discussions. Welcoming negotiation, Blaine delined to [ ?] initiate talks.

    He asked for an immediate suspension of sealing before another summer's

    039      |      Vol_XII-0963                                                                                                                  
    EA-Alaska: History. Martin: Fur Seal

    hunting made discussion pointless. During delays caused by Canadian insist–

    ence that the United States as the aggressor state her case first, and her

    stubborn demand for equal representation with England at conferences, seal–

    ing was not interrupted.

            Persuaded by Salisbury, the Canadians finally yielded and proposed

    closed sessions in the Bering Sea during May and June and October and

    November (when the fewest seals were there) and no hunting within ten

    miles of the Pribilof Islands at any time, a perfect hunting schedule for

    them, which Blaine rejected. Finally, before submitting to arbitration it

    was gareed that a joint commission should investigate seal habits. More

    bitter notes were exchanged before this was settled and specific disagree–

    ments defined for arbitration. Confident their status as seal owner would

    be recognized by impartial judges and anxious for a quick settlement, the

    United States reluctantly permitted England to submit four points about

    Bering Sea sovereignty as the major dispute and, dependent upon their

    settlement, the contention that Pribilof seals were either American property

    or entitled to American protection at sea because of birth on American soil.

    A modus vivendi for one year, extended for two more, was adopted June 18,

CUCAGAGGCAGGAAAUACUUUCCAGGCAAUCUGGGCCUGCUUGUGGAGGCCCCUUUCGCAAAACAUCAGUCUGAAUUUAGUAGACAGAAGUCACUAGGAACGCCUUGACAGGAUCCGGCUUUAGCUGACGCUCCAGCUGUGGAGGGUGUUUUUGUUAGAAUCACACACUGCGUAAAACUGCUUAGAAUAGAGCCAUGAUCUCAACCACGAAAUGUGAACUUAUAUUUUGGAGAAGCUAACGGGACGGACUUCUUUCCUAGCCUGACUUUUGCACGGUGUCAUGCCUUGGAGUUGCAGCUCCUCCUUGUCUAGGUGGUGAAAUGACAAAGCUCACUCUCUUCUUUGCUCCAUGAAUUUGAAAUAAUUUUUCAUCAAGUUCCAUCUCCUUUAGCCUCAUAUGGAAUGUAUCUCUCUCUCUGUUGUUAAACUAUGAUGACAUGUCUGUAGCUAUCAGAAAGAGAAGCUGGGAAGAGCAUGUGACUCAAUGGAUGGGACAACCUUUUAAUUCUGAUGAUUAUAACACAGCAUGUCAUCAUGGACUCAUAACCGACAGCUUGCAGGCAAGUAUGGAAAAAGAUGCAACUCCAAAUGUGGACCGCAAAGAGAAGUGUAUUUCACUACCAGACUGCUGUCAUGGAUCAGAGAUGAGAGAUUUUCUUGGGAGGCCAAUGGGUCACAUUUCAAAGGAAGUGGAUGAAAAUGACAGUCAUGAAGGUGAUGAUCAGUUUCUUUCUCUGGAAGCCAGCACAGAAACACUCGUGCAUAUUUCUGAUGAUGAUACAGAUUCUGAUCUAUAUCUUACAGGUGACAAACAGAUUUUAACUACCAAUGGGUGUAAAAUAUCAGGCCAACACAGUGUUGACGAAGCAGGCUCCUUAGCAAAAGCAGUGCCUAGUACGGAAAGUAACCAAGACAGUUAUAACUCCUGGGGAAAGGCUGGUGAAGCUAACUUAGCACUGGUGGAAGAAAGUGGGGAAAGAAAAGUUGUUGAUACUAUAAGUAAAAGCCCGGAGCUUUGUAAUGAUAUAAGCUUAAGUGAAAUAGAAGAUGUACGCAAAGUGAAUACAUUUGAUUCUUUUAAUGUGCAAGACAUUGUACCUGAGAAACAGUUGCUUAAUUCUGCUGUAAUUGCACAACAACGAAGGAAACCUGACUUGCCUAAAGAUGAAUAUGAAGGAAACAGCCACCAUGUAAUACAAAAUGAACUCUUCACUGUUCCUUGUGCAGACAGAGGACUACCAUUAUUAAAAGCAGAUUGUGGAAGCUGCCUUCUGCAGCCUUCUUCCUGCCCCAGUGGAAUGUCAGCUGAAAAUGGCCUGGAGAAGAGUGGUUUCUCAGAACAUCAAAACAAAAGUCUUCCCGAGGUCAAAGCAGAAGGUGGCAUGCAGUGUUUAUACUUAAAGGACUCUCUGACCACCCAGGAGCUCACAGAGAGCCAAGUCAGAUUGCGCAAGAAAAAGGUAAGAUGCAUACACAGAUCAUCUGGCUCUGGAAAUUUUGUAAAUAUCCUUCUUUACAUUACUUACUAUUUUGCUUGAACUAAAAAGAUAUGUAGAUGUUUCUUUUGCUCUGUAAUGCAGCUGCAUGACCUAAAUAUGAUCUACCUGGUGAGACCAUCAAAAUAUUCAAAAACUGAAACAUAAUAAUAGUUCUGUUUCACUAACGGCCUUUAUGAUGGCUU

1891, prohibiting Pribilof sealing except 7,500 for Aleut food, and hunting

    in the Bering east of 163° W. longitude; this was amended later to provide

    that the loser would compensate the victor for sealing losses during the

    interruption. While land killing was suspended hunters took more seals in

    the Pacific, and for the first time they invaded the western Bering and

    Okhotsk seas and brought back 10,119 pelts of Asiatic seals.


    Bering Sea Commission

            Sir George Smyth Baden-Powell and Professor George Mercer Dawson, a

    040      |      Vol_XII-0964                                                                                                                  
    EA-Alaska: History. Martin: Fur Seal

    Canadian geologist, were appointed by the British, and Professor Thomas Cowin

    Mendenhall and Dr. Clinton Hart Merriman by the United States, to inves–

    tigate the Pribilof herd. After a season's study, the Commission met in

    Washington in February 1892, and agreed in a 1 1/2-page joint report only

    that the Pribilof herd faced extermination, not upon the agents of destruc–

    tion. Until the Commission's findings and Elliott's 1890 report were